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Album Review: 'Tu Historia' by Julieta Venegas

ARI SHAPIRO, HOST:

There are few Spanish-speaking artists that captivated Latin America in the 2000s like Julieta Venegas.

(SOUNDBITE OF SONG, "LIMON Y SAL")

JULIETA VENEGAS: (Singing in Spanish).

SHAPIRO: Now, the Mexican singer-songwriter is back with her first studio album in seven years called "Tu Historia." Miguel Perez has this review.

MIGUEL PEREZ, BYLINE: Julieta Venegas' voice - bright, earnest and relaxed - was a touchstone of the Latin music scene of the aughts.

(SOUNDBITE OF SONG, "LIMON Y SAL")

VENEGAS: (Singing in Spanish).

PEREZ: Songs like "Limon Y Sal" walked the fine line between Latin pop and alternative music, and Venegas also helped carve a path to success for similar acts that followed like Natalia Lafourcade, Carla Morrison and Ximena Sarinana. On her new album, "Tu Historia," she sounds like an old friend you haven't seen in a while - altogether familiar yet full of new stories to tell.

(SOUNDBITE OF SONG, "EN TU ORILLA")

VENEGAS: (Singing in Spanish).

PEREZ: Chilean musician Alex Anwandter produced the record, and you can hear his electronic pop and disco sensibilities on songs like "En Tu Orilla." And while Venegas has played with '80s synths on past records, she's never sounded this primed for a strobe-lit dancefloor.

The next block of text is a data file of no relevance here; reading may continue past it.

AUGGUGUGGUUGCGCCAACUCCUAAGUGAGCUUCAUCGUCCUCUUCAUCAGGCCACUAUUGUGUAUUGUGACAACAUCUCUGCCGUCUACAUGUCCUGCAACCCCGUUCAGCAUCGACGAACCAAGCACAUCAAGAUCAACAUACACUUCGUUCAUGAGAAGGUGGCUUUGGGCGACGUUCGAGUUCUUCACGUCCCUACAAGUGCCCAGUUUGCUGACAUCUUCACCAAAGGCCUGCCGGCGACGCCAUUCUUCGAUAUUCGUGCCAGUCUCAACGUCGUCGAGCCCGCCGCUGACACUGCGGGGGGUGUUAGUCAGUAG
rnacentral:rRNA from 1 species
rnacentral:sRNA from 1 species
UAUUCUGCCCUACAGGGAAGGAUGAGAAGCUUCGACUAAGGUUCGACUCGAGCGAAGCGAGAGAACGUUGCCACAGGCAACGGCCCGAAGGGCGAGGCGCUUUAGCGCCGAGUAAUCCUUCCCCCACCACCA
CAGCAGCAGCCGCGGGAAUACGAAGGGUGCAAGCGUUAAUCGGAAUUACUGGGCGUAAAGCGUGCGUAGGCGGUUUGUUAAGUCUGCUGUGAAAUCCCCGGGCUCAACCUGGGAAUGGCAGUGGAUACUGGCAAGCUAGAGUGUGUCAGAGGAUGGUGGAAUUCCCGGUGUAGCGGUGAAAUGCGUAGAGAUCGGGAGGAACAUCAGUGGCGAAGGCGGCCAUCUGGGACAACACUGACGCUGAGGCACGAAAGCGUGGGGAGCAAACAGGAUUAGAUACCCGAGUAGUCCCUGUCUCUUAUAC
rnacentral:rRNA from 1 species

(SOUNDBITE OF SONG, "EN TU ORILLA")

VENEGAS: (Singing in Spanish).

PEREZ: There's also plenty of what you might consider the artist's classic sound on "Tu Historia." A multi-instrumentalist and sharp songwriter, Venegas is best known for navigating love and heartbreak through uncomplicated flourishes of guitar, piano and her signature instrument, the accordion.

(SOUNDBITE OF JULIETA VENEGAS SONG, "TU HISTORIA")

PEREZ: But the songwriting is always at the heart of the music for Venegas. On "Tu Historia," she sings about embracing your past and wearing your mistakes like a badge of honor. Her voice is tender and comforting, and the twang of the accordion, so emblematic of the music of northern Mexico, offers a new layer of interpretation.

(SOUNDBITE OF SONG, "TU HISTORIA")

VENEGAS: (Singing in Spanish).

PEREZ: Venegas was born in Long Beach, Calif. But she grew up on the other side of the border in Tijuana. And though her music has never really fit into any particular box, what binds it all together is an inexplicable Mexican spirit that transcends genre. And she grew up hearing her mom sing "Corridos" from Tigres Del Norte and lullabies from the Mexican children's character Cri-Cri. And then she moved to Mexico City and joined the wave of rock en Espanol. Venegas finds herself revisiting all these old memories on "La Nostalgia."

(SOUNDBITE OF SONG, "LA NOSTALGIA")

VENEGAS: (Singing in Spanish).

PEREZ: The artist sings of the longing she feels for Tijuana, a home she thought she'd left far in the past. But the nostalgia lingers. She sings, let it live because it's a part of you - a motto that rings true throughout this record with all its new sounds and familiar ones too, made possible by an artist that not only knows her history but proudly embraces it.

SHAPIRO: The album "Tu Historia" by Julieta Venegas is out now. Our reviewer, Miguel Perez, is a producer for World Cafe in Philadelphia.

(SOUNDBITE OF SONG, "LA NOSTALGIA")

VENEGAS: (Singing in Spanish). Transcript provided by NPR, Copyright NPR.

Miguel Perez
Miguel Perez is a radio producer for NPR's World Cafe, based out of WXPN in Philadelphia. Before that, he covered arts, music and culture for KERA in Dallas. He reported on everything from the rise of NFTs in the music industry to the enduring significance of gay and lesbian bars to the LGBTQ community in North Texas.